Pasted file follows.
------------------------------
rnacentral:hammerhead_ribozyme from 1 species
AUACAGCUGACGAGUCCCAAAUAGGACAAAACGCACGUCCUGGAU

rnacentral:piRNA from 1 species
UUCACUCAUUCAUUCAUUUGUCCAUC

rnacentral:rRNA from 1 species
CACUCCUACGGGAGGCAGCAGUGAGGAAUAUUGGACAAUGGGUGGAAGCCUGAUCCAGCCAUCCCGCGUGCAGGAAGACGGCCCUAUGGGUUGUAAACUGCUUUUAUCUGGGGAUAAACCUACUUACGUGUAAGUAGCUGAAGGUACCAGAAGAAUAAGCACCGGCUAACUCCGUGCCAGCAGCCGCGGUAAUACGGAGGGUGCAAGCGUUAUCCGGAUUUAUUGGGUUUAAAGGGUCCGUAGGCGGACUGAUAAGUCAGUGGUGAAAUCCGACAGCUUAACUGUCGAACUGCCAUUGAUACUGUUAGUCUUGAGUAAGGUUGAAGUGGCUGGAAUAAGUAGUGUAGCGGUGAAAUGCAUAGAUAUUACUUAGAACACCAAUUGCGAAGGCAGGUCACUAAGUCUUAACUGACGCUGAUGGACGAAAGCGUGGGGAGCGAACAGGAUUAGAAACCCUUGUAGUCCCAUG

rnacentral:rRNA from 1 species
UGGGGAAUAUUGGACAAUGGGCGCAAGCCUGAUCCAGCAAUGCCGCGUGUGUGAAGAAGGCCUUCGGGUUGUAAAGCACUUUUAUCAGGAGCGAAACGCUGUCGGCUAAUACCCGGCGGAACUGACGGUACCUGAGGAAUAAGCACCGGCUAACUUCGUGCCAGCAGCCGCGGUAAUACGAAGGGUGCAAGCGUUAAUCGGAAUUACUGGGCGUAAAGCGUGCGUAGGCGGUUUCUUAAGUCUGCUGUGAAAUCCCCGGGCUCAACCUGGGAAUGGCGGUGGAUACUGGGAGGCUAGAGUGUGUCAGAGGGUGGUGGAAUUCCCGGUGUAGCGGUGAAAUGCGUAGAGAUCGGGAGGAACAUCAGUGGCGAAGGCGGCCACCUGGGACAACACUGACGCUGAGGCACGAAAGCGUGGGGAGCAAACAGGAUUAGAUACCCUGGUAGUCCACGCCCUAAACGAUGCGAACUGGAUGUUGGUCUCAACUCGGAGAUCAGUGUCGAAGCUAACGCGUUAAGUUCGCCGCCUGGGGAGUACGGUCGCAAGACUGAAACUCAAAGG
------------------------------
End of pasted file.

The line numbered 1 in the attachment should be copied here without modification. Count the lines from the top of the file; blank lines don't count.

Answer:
rnacentral:hammerhead_ribozyme from 1 species